FirstEnergy CEO questions gas ability to replace coal, nuclear role

While natural gas generation is playing a growing role in today’s power market, FirstEnergy (NYSE:FE) President and CEO Anthony Alexander expressed doubts recently about whether it’s ready to do the heavy lifting for the electrical grid.

During the closing minutes of a Sept. 25 appearance before the Bank of America Merrill Lynch conference in New York, Alexander said it is important to remember that many gas units are effectively “intermittent.”

While more reliable than wind or solar power, many natural gas units “dance on the end of a pipeline,” Alexander said.

Typically gas plants “have no inventory,” Alexander said. Contrast this with a coal-fired plant that usually keeps a 30-to-60-day fuel stockpile on hand. Likewise, a recently-refueled nuclear unit typically has more than a year’s worth of fuel in the reactor, the FirstEnergy executive added.

The pipeline infrastructure still needs to keep up with the growing demand for natural gas-fueled power, Alexander said. Currently many units lack pipeline priority, he added.

The FirstEnergy official cited an instance this summer when a company peaking unit could not get the needed natural gas and had to temporarily switch to oil. Fortunately, the generating facility had access to the oil, Alexander added.

“We need it all,” Alexander said, referring to all types of power generation. But it is important to remember that the power business runs around the clock every day of the year, Alexander added.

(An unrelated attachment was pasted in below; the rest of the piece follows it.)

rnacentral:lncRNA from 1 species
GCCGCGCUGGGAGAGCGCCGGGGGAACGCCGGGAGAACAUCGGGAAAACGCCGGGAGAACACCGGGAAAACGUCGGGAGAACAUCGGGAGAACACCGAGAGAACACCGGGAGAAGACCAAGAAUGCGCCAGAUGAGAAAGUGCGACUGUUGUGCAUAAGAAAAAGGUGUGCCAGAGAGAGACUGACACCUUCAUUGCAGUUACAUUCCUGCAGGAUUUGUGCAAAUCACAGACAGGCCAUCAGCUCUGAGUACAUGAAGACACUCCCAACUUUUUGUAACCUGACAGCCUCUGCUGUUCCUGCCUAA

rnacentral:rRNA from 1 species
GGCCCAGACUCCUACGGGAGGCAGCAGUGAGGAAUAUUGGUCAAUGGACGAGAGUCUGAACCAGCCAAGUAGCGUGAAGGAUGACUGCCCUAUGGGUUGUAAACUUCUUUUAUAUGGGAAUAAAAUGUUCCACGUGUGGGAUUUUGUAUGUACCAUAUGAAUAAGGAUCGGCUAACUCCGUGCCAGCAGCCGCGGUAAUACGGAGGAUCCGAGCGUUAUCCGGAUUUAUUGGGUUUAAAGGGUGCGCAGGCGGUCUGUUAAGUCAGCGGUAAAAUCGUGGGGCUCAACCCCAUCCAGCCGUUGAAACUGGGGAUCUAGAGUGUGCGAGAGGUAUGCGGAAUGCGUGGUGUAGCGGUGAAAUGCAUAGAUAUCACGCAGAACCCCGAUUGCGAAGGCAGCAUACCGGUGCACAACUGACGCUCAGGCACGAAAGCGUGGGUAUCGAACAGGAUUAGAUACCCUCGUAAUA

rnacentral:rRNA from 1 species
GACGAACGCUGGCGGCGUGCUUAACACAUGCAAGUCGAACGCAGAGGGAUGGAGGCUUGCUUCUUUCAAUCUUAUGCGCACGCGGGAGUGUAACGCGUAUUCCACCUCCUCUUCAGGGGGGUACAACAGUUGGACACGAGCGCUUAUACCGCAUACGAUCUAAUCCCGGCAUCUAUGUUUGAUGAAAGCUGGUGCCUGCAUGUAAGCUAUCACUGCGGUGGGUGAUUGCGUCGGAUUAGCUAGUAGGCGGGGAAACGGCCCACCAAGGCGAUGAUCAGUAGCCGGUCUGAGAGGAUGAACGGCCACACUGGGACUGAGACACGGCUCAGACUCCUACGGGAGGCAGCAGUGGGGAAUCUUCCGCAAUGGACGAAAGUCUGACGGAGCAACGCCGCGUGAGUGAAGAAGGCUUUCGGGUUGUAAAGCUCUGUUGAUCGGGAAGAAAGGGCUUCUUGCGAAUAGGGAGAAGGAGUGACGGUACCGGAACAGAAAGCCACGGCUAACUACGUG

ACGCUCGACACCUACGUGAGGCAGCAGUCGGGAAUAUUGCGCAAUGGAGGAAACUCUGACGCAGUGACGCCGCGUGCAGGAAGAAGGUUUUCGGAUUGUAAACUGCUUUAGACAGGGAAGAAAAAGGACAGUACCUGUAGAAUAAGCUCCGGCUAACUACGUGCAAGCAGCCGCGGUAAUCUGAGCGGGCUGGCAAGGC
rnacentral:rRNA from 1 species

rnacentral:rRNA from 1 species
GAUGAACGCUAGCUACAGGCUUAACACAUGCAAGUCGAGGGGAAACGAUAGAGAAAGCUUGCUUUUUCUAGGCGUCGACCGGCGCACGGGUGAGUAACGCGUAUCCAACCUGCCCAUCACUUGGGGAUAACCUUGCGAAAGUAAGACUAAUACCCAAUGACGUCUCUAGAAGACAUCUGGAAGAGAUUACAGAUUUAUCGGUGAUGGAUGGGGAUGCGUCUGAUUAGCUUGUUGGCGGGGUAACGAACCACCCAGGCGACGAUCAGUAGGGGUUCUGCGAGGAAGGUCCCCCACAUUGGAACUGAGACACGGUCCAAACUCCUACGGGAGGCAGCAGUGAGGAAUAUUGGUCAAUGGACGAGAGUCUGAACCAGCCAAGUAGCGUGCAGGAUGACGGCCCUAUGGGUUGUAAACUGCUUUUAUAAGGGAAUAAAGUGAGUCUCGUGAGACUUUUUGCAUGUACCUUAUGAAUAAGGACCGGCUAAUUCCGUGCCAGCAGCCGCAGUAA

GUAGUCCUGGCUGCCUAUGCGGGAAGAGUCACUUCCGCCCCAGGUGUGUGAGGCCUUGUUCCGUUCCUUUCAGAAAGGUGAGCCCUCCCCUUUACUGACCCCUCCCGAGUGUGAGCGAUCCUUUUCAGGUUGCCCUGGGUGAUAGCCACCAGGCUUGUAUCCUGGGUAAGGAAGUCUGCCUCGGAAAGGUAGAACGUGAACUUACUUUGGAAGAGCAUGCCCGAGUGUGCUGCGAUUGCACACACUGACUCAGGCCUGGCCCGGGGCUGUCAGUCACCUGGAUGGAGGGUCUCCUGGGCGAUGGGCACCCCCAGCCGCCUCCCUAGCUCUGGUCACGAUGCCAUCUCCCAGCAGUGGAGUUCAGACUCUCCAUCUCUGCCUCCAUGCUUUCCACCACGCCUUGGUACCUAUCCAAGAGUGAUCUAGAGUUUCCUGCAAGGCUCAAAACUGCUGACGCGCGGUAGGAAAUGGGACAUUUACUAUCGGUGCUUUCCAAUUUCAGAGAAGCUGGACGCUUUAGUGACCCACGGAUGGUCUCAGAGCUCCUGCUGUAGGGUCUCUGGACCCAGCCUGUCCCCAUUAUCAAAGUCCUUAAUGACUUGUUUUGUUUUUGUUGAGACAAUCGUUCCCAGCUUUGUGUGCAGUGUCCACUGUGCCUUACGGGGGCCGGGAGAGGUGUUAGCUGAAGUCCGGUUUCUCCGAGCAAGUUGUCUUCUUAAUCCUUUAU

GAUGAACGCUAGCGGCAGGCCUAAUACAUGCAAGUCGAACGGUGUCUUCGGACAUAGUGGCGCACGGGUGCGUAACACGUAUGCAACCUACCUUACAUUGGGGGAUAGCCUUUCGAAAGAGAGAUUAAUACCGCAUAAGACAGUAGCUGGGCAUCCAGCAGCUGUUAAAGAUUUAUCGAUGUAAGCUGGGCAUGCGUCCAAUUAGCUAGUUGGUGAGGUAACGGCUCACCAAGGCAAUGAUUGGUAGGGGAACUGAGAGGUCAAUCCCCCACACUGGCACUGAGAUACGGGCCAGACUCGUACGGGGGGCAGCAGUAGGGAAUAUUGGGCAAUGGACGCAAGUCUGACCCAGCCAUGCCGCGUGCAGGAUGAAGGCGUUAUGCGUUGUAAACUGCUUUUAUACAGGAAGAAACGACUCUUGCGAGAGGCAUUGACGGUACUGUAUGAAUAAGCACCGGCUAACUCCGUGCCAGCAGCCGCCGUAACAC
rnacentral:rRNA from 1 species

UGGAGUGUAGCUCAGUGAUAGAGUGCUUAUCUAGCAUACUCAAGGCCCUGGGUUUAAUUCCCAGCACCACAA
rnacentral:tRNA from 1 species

FirstEnergy’s generating subsidiaries control more than 20,000 MW of capacity. The company’s fuel mix is 60% coal (much of it scrubbed); 20% nuclear; 11% hydro, wind and solar; 7% natural gas and 2% oil. That’s according to a FirstEnergy webpage last updated July 2. The Ohio-based company has several coal units scheduled for retirement in 2015.


About Wayne Barber 4201 Articles
Wayne Barber, Chief Analyst for the GenerationHub, has been covering power generation, energy and natural resources issues at national publications for more than 20 years. Prior to joining PennWell he was editor of Generation Markets Week at SNL Financial for nine years. He has also worked as a business journalist at both McGraw-Hill and Financial Times Energy. Wayne also worked as a newspaper reporter for several years. During his career has visited nuclear reactors and coal mines as well as coal and natural gas power plants. Wayne can be reached at